Historically, Japanese archery has been shrouded in myth and legend, making it difficult to assemble a completely accurate account of its development. Still, by focusing on the similarities recorded in ancient chronicles, historians have managed to piece together a reliable picture of the historical development of kyudo. For clarity we have divided that development into five historical stages – Prehistoric (7,000 B.C to A.D. 330), Ancient (330-1192), Feudal (1192-1603), Transitional (1603-1912), and Modern (1912 to the present).
It goes without saying that the evolution of Japanese archery closely coincides with the development and use of the Japanese bow. The earliest known inhabitants of the Japanese islands, a hunter-gatherer culture known as the Jomon relied heavily on the use of the bow. Their bows were of different lengths but most were the short, center-gripped type common to other primitive cultures. The Jomon bow was primarily used as a hunting tool but it is quite probable that it was also used in tribal warfare and ritual. From around 250 B.C to A.D. 330 the Yayoi culture flourished. During this time the bow came to be used as a symbol of political power. Legend says that Japan’s first ruler was Emperor Jimmu, (illustration at right) who ascended to the thone in 660 B.C. And while many historians dispute this, the fact remains that in paintings and descriptions of his life Jimmu is always depicted holding a long bow, a symbol of his authority. A bronze casting from the Yayoi period appears to show the use of a long asymmetrical bow. And a written account compiled by the Chinese in the third century describes the Japanese as using a bow with upper and lower limbs of differing length, so it is highly likely that the unique asymmetrical design of the Japanese bow was adopted during the Yayoi period.
During this period Japan was strongly influenced by Chinese culture. It was then that ceremonial archery became an important part of the court system. The Japanese bowmakers also began to borrow the composite construction used by the Chinese and by the tenth century had developed a two-piece composite bow using bamboo and wood. The Ancient period also saw the rise of the samurai, or warrior class, and the bow saw even greater use as a weapon of war as the samurai struggled to establish themselves as a powerful new social class.
In 1192 Minamoto no Yoritomo was granted the title of shogun, or military governor, and established stricter standards for his warriors. As part of that training, Ogasawara Nagakiyo, the founder of Ogasawara Ryu, was instructed to teach mounted archery in a more formal manner. It was during this time that the kyujutsu ryu, the schools of archery technique came into their own. One of the most influential archers of the time was Heki Danjo Masatsugu, the founder of Heki Ryu, who lived from 1443 to 1502. He is credited with standardizing the training of kyujutsu which no doubt assured its continued growth and development, even into modern times. It was during the Feudal period that the construction of the Japanese bow reached its peak. By the late sixteenth century it was regarded as being near perfect in design. So much so, that the bamboo and wood laminate bows used in modern kyudo are nearly identical to those made four hundred years ago. As it turned out, the end of the sixteenth century also spelled the end of the bow’s usefulness as a weapon of war when Oda Nobunaga, commanding conscripts armed with muskets, defeated the opposing force of kyujutsu archers in a major battle in 1575.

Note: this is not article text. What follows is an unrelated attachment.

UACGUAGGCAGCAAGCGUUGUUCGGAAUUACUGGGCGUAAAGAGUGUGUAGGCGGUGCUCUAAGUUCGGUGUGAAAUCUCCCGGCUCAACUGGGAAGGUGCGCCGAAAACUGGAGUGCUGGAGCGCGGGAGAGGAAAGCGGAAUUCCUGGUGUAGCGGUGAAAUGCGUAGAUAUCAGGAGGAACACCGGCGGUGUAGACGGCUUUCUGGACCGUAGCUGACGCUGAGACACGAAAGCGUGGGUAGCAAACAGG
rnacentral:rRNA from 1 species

In the seventeenth century Japan’s period of civil war ceased and the emphasis of Japanese archery gradually changed from kyujutsu to kyudo, or, in other words, from the technique of fighting with a bow to the way of personal development. The Transitional period also saw the general public become more involved with the practice of archery. As the twentieth century dawned, Honda Toshizane, a kyudo instructor at Tokyo Imperial University, combined elements of the warrior and ceremonial styles to create a hybrid form that came to be known as Honda Ryu. Although the traditional schools were against the creation of this hybrid form, Honda Toshizane is widely credited today with ensuring the survival of kyudo in the twentieth century.
In the early 1930’s it became evident that modern kyudo would need to be standardized in some way to guarantee its continued growth. The issue was hotly debated and the agreement that was reached in 1934 was tentative at best. After World War II, the practice of kyudo, along with all other martial arts, was banned by the occupation forces. It wasn’t until 1949 that final authorization was granted and the Zen Nihon Kyudo Renmei (known as the All Nippon Kyudo Federation in English) was formed. In 1953 the kyudo kyohon (manual) was published, establishing the shooting procedures that are in common use today.